Home Football English Football Assessing The Ten Managerial Casualties of This Season’s Premier League

Assessing The Ten Managerial Casualties of This Season’s Premier League

EXETER, ENGLAND - JANUARY 06: Alan Pardew head coach / manager of West Bromwich Albion prior to the The Emirates FA Cup Third Round match between Exeter City v West Bromwich Albion at St James Park on January 6, 2018 in Exeter, England. (Photo by Adam Fradgley - AMA/WBA FC via Getty Images)

The sacking of Alan Pardew means the Premier League has equalled a collective record of managers that have departed in a season.

Pardew is the 10th victim of this year’s campaign and whilst he left by ‘mutual consent’, it means West Brom have let go of two managers this season.

Here, we look at each and every one of those sackings, and whether they were justified.

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Frank De Boer (Crystal Palace)

Frank De Boer. What happened here? Labelled, “The Worst Manager in the history of the Premier League” by Jose Mourinho, De Boer lasted just four league matches. Yes, you read that right, FOUR.

De Boer was in charge for the shortest number of games of any manager in English football history and that, along with the fact he holds the record for the fewest games before being sacked in Italy too, seems to support Mourinho’s sentiment.

Verdict: This sacking was so quick, it’s impossible to know whether it was the right decision. The fact that Roy Hodgson has guided them to 17th seems to justify it, especially given De Boer’s 4 game reign didn’t produce a goal.

Decision rating: 6/10

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Craig Shakespeare (Leicester City)

Craig Shakespeare burst into the limelight after guiding then-Champions Leicester City to safety and winning one Champions League game, after Claudio Ranieri was cleared out nine months after pulling off the most unbelievable achievement in sporting history.

Clearly his players had once again decided they’d had enough of the man in charge and, with the likes of Mahrez, Vardy and Schmeichel all out of form, he was sacked within two months of the season starting and Leicester in the relegation zone.

Verdict: The Leicester job is a poisoned chalice, seemingly any manager could have the players suddenly decide not to perform under them. This happened to Shakespeare, and as a result, things needed freshening up. With Leicester now in 8th and happy under Claude Puel this was a very good decision.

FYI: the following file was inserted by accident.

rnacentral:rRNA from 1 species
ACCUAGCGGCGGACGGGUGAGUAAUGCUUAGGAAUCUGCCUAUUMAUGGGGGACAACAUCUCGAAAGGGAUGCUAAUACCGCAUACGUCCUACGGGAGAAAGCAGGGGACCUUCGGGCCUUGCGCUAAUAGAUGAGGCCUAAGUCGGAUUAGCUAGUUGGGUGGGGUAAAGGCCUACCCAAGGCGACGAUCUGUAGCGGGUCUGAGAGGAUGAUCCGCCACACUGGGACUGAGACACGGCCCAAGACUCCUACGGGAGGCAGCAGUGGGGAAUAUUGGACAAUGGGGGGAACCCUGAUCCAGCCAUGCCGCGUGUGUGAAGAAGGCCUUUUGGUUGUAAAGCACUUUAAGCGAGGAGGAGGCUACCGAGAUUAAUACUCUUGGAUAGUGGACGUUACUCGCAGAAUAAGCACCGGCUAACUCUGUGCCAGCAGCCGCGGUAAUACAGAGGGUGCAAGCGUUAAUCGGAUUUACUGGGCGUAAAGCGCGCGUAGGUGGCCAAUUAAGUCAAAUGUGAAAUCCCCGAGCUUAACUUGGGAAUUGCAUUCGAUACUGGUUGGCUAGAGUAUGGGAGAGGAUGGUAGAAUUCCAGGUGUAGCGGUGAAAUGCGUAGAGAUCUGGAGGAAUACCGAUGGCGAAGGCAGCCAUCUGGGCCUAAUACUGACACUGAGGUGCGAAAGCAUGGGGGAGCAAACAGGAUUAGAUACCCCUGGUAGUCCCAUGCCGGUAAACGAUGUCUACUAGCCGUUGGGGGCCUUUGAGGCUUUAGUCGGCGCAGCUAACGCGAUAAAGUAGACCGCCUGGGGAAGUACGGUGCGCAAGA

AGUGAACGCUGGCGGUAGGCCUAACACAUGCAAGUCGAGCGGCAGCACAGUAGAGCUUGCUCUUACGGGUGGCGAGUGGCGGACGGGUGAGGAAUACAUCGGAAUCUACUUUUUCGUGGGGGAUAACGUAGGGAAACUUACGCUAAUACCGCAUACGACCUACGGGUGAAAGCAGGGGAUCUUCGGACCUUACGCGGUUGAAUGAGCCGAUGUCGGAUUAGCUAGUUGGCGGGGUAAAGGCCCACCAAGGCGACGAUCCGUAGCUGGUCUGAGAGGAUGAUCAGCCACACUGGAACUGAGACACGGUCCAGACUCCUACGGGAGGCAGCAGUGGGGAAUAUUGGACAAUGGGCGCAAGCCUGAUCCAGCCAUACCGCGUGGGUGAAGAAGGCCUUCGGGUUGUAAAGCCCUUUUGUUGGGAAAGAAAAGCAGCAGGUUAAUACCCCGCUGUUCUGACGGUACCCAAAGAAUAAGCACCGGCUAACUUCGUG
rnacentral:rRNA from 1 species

Decision rating: 9/10

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Ronald Koeman (Everton)

Ronald Koeman used the funds generated by the sale of Romelu Lukaku to splash out on a new look squad with the likes of Gylfi Sigurdsson, Wayne Rooney, Michael Keane and Jordan Pickford all coming in as they spent over £150,000,000 on new players

Ultimately, as was the case with Tottenham in 2012/13, the big spend after the sale of a superstar didn’t work, in the short-term at least. Koeman was sacked following a desperate 2-5 home defeat to an Arsenal, one of only 3 away wins the gunners have managed this season, and a third of the goals they’ve scored on their travels coming in that game.

Verdict: The replacement of Koeman with Allardyce was uninspired, but as a short-term plan to deal with the relegation threat it was the right decision. Ultimately Allardyce will retire soon, and his eventual replacement will get the best out of what has the potential to be an excellent squad.

Decision rating: 8/10

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Slaven Bilic (West Ham)

Slaven Bilic was ultimately let go after just after two years at the helm as West Ham slumped to 18th, with a general consensus among the fans that whilst he had achieved great things, it was the right time for him to go.

Bilic had generated a huge amount of excitement, but a toxic atmosphere generated from West Ham’s stadium move meant that a team low on confidence needed to improve their defensive organisation, and simplify their game plan.

Verdict: It’s been a season to forget for West Ham, for so many reasons. But, for now at least, they have some genuine breathing space in the fight for survival. Moyes’ football is not pretty, but he has picked up results at crucial times and West Ham will be able to re-asses at the end of this season as a Premier League team.

Decision Rating: 7/10

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Tony Pulis (WBA)

In 17th place and having failed to win in their last eight, West Brom parted company with Tony Pulis just months after he had guided them to a finish inside the top-half.